It's a worthwhile exercise to look outside traditional thinking regarding brand development in your industry to consider innovative techniques from other industries. Looking at the strongest brands in a variety of categories can uncover new ideas that will drive competitive differentiation.

The following list is meant to get the creative juices flowing by demonstrating some unique brand-building techniques from a variety of industries; they are examples organized by the three brand touchpoint categories that highlight tactics being used effectively by various companies:

  • Pre-Purchase: The Zippo Car, Oscar Mayer Wienermobile, and Mary Kay Cosmetics' pink Cadillacs. Considered by some as throwbacks and corny, symbolic brand representations can provide unique and bold statements. They can create grassroots awareness while generating substantial press coverage and publicity. What symbolic embodiment of your brand would generate the same buzz or nostalgic attraction as these examples?

  • Purchase: Commerce Bank retail branch approach. In an age of ATMs, online transactions and automated billing, the person-to-person service of a bank branch was going the way of the dinosaur. Yet for many who seek personal guidance and assistance, that transformation has been alienating. Commerce Bank's attempt was to capture the disenfranchised by making retail banking enjoyable again, with friendly personnel, free services (such as coin-counting) and flexible hours. And gaining a foothold on an individual's checking account gave Commerce the ability to cross-sell credit cards, loans and other, more valuable, products and services. 

  • Post-Purchase: Kiehl's word-of-mouth. Despite product packaging that doesn't always work and only three retail locations, Kiehl's has built a fiercely loyal customer base through the quality of its products and its quirky, boutique-like mystique. Kiehl's lab-coated style and exclusive locations have a cult-like following of customers who swear that the products are the best quality that money can buy. And while Kiehl's does not invest in traditional communications, the brand's mystique and heritage have generated tremendous positive publicity. Kiehl's has maintained this distinctive approach despite having been acquired by cosmetics giant L'Oreal in 2000. What are the distinctive, heritage elements of your brand that resonate with customers?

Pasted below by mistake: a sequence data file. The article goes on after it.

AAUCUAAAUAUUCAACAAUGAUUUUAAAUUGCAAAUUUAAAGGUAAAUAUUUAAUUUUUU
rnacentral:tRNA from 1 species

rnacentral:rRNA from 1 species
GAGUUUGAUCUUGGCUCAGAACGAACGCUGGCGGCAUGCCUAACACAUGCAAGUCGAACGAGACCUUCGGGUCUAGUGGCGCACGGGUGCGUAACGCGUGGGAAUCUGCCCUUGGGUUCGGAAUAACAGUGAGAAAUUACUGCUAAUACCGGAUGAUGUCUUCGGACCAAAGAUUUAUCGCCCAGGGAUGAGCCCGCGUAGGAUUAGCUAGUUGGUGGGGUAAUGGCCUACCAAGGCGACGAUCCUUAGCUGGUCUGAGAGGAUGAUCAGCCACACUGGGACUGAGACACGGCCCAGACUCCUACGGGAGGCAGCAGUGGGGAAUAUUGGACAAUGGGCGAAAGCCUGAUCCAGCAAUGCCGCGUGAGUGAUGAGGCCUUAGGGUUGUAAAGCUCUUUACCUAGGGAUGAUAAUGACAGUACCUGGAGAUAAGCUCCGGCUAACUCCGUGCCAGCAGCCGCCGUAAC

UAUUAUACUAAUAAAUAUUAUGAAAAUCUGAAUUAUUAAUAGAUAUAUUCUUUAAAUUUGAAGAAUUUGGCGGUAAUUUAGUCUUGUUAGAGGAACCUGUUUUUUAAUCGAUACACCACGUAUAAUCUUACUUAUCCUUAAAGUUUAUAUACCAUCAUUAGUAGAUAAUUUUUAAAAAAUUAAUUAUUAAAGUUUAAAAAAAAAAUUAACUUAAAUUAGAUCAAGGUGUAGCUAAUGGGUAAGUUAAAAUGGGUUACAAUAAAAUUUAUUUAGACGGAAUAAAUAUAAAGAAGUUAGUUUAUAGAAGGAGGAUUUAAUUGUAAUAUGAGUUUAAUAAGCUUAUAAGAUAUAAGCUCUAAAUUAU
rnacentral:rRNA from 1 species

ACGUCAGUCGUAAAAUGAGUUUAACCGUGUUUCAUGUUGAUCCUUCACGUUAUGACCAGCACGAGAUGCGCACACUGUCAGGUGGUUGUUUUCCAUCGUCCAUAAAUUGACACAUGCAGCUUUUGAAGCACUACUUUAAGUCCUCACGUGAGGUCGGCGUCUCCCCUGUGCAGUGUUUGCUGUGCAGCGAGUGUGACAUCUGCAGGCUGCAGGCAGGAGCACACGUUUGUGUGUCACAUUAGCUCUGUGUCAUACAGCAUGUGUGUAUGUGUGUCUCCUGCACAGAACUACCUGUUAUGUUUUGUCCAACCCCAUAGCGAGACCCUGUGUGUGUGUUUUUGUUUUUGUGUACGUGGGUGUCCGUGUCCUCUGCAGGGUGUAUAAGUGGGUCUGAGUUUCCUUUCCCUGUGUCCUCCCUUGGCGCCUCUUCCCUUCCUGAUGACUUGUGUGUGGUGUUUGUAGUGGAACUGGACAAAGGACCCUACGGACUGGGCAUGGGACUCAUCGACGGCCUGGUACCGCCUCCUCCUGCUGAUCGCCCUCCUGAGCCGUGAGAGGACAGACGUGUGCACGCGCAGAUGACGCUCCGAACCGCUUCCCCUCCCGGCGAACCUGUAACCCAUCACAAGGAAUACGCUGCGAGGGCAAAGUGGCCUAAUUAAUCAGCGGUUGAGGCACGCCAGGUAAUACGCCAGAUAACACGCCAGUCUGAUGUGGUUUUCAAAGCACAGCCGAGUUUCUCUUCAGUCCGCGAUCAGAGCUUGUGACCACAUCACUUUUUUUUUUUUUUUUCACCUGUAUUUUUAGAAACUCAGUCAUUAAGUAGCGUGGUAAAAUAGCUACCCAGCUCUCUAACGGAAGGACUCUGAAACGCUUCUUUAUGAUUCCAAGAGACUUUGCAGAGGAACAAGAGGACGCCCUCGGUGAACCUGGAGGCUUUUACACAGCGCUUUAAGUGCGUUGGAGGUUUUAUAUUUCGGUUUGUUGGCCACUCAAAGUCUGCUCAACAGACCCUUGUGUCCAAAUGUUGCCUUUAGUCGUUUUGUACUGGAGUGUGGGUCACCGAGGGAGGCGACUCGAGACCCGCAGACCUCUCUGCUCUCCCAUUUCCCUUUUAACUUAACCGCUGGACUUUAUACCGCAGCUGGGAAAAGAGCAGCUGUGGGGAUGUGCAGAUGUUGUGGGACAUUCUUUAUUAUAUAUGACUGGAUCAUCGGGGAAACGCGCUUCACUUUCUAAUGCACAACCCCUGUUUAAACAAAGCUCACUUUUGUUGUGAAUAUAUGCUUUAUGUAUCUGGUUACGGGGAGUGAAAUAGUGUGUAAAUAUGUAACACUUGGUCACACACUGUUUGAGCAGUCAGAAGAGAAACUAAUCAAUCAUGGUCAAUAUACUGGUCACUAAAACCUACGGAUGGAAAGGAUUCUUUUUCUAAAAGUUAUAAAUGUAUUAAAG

Once all current and potential customer-experience touchpoints have been identified, the next step is to determine which are the most important, and why. Trying to control every touchpoint can be an overwhelming and costly endeavor. However, prioritizing the touchpoints and identifying which have the greatest impact on customers ensure that customers are being spoken to where and when most relevant. Additionally, prioritizing the touchpoints maximizes the use of corporate capital and human resources. Consider the following factors in prioritizing the touchpoints:

  • Value in decision-making. What impact will the touchpoint have on the overall customer decision-making process? 

  • Ability to control. To what extent is the touchpoint within an organization's ability to control?

  • Degree of misalignment. How is the touchpoint diluting or contradicting the brand message, and how quickly must it be aligned? 

  • Achieving business objectives. Does the touchpoint support the underlying business objectives?

Companies across the board are facing numerous challenges that require leadership to take a hard look at how well their brand strategies position them with customers. Competition is fierce and growing and customers are both wary and confused, particularly in the face of largely undifferentiated products, services and messaging.

Businesses that intend to successfully stand out from among the competition would be wise to scrutinize the core of where and how they interact with customers and communicate the essence of their brands. That sort of thoughtful and measured assessment is what will lead to brand investments that are most likely to create powerful results.

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Ray George Ray George is a Director in the New York office of Prophet, a management consultancy that helps clients achieve competitive advantage by creating and implementing integrated business, brand and marketing strategies. Ray can be reached at